Vol. III No. 42 - Saturday October 16 - October 22 2004
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Weekly Local Biography

  US Consul-General Bea Camp


Beatrice Camp (“Just call me Bea”), the newly arrived US government’s representative, has been sent here as our new consul-general. After spending an hour with this lady, I can honestly say that she comes over as one of the “nicest” people you will ever meet. The US has found a wonderful replacement for the C-G’s office!

She was born in Montgomery in Alabama, the younger of two children born to a father who worked for the US Air Force and a teacher mother. However, since her father was contracted to the USAF, he also had to move around the world on USAF business. One move was to Bangkok, back in 1961, where he worked for the US Information Agency. Bea was sent to the international school, and she very quickly enjoyed her new surroundings. “I loved Bangkok,” said Bea. “I rode horses at the Polo Club, took samlors, I liked Thai food. It was fun,” she said, with eyes still sparkling with the memory.

Unfortunately, her father died and she returned to America, to Washington DC, to finish her high schooling. By the time that period of her life was almost over, she was the editor of the high school paper, and so she decided that she wanted to be a journalist.

Towards that end she went to a Liberal Arts College for their four year course, working on local newspapers (similar to Chiangmai Mail) for one month each year, but before she was swallowed up in copy paper and printer’s ink she became aware of an experimental fellowship program in Asia. “Remembering Bangkok, I wanted to come to Thailand, so I applied for Chiang Mai - and got it,” said Bea triumphantly.

That fellowship saw her working at Chiang Mai University, teaching English for the next two and a half years, but like all good things that must come to an end, she had to return to the US.

She worked through some small unimportant jobs until she became a copy editor for the Dow Jones financial news group in New York. “There was the day that I dropped three zeros from IBM’s quarterly figures,” said Bea, laughing at the memory of the chaos she could have caused, if the slip had not been caught by a vigilant sub-editor down the line!

But by now she was married to a Foreign Service officer in the US State Department offices, and she knew that her life was to be one of travel. Their first assignment was to China, with Bea influencing her husband’s decision with her interest in Asia engendered by her two spells in Thailand. As a spouse she was entitled to study with State Department sponsorship, so she sat and learned Chinese in Washington for the next 12 months.

Bea and her husband spent 12 months in Taiwan and two years in Beijing, but Bea, during this period, was also accepted by the Foreign Service as an officer, and returned to Washington for her own training.

Remaining in Asia, the State Department, now with two Foreign Service Officers under the one roof, sent them both to Bangkok, for Bea’s third stay in the Kingdom.

I asked Bea how they managed to get postings together. “We always got jobs together - but they were not necessarily the ‘best’ jobs for career advancement,” she admitted.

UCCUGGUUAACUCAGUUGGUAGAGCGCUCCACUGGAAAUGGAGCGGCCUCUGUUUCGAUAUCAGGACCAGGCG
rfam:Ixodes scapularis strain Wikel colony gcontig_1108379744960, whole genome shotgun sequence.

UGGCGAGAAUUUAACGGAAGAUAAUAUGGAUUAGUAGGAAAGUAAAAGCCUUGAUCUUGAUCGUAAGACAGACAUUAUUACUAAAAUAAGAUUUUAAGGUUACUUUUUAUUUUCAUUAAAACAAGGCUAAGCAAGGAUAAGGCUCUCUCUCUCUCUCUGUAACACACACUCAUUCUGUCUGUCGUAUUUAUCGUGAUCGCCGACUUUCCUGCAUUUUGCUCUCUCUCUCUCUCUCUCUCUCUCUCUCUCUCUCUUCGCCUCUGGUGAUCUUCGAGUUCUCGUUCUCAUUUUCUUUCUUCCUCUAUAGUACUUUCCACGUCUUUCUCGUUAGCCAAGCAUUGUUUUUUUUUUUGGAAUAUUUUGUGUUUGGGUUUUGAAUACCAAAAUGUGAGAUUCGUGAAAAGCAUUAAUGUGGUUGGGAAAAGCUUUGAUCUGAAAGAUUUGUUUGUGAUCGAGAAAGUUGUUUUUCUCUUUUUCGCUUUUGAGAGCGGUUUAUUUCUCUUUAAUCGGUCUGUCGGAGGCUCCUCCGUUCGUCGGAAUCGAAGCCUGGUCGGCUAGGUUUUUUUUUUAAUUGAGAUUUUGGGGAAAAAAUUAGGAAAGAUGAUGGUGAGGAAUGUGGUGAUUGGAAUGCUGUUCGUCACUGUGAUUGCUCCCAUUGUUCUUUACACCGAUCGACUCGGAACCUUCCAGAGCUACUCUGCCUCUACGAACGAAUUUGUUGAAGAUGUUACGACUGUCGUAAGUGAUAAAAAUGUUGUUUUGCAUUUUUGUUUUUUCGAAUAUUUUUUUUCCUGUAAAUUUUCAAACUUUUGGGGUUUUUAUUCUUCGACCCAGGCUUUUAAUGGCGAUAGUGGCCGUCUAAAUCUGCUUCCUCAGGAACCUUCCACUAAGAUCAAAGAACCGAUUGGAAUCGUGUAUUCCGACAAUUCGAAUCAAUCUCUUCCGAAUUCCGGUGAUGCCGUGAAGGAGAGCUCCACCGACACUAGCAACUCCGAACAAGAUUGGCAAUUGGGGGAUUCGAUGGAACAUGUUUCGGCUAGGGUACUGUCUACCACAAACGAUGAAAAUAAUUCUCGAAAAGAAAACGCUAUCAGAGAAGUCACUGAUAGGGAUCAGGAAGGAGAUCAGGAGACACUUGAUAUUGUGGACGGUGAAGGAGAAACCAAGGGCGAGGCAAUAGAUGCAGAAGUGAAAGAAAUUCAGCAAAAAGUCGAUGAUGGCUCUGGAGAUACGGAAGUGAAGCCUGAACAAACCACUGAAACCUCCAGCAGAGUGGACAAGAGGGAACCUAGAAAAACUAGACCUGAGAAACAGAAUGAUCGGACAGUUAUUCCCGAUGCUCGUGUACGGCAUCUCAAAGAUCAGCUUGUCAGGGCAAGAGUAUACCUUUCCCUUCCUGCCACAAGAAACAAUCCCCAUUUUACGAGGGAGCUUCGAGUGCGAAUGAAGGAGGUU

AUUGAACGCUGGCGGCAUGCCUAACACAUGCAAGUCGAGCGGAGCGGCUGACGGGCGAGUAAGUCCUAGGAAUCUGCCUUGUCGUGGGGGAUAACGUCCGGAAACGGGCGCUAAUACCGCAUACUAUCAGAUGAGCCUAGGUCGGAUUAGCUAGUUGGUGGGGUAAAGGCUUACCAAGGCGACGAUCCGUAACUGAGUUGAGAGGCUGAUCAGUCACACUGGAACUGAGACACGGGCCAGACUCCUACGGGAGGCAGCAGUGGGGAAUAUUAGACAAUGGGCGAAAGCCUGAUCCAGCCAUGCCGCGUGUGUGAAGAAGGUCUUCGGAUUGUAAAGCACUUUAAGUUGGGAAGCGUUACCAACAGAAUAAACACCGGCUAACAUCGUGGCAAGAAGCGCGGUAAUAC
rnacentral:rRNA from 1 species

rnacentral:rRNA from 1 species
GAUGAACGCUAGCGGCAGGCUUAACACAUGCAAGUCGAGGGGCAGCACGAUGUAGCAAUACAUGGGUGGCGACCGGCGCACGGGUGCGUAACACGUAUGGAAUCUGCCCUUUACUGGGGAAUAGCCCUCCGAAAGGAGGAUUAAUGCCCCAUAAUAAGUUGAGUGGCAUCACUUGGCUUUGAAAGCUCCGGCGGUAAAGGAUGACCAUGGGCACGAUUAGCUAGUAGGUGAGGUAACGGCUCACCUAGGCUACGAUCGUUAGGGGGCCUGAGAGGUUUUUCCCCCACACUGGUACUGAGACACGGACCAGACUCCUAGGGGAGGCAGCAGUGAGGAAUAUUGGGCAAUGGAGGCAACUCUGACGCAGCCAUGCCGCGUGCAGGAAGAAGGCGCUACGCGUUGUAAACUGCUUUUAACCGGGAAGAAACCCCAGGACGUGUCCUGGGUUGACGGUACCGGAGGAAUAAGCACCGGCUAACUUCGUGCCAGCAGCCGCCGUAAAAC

The next joint posting was away from Asia, and it seems that Bea’s husband had the major influence in this decision. They went to Sweden for four years. “My husband like Bergman movies,” said Bea! Whilst that on paper sounds a fairly flimsy reason, I am sure there were other ones! Bea describing the posting, “It was a terrific job for me. It was a wonderful assignment.” However, she did add the rider, “I just didn’t know it at the time.”

By now Bea was also juggling the duties of motherhood, as well as the Foreign Service, and they returned to Washington for three years, putting the children in American schools.

However, when in the Foreign Service, you obviously do not spend too much time unpacking, as they were soon off to Hungary, “My husband’s choice. It was fabulous, great food and wine and the history!”

After three years it was time to return home as her youngest son wanted to finish his high school education, and her husband wanted to retire. Bea did say, “None of these (moves) were huge sacrifices.” So the next five years were spent in Washington. She also described being in the Foreign Service as being one where the officers are looked after. “You change jobs frequently, but you’ll always have a job.”

With the family settled and educated, Bea the world traveler and job changer was ready again. This time for her fourth stint in Thailand, and second in Chiang Mai, now as the new consul-general, which she described as, “There’s no better job by my standards!” She also very quickly added, “I wasn’t plotting this for 20 years!” all said with a huge smile and a laugh.

I asked whether she had ever found that her duties in the Foreign Service could have been at cross-purposes with her own personal political ideals, but she parried with, “You are representing the United States. I’ve never been in the position where I couldn’t live with myself. As you get older and wiser you realize there’s a long term aspect to life.”

So now Bea (and her husband) are here in Chiang Mai, and what was in their luggage? Their bicycles! “I like bicycling. We’ve joined the Sunday Bike Club. I like it as a form of transportation, and promoting cycling is a politically worthwhile cause.”

Bea Camp comes through as an amazing woman. Despite being a State Department official, she has retained her own persona, but happy to acknowledge that the Department has given her great opportunities in life. She is the personification of “Carpe diem!” I am sure you will enjoy Chiang Mai once again, Bea!


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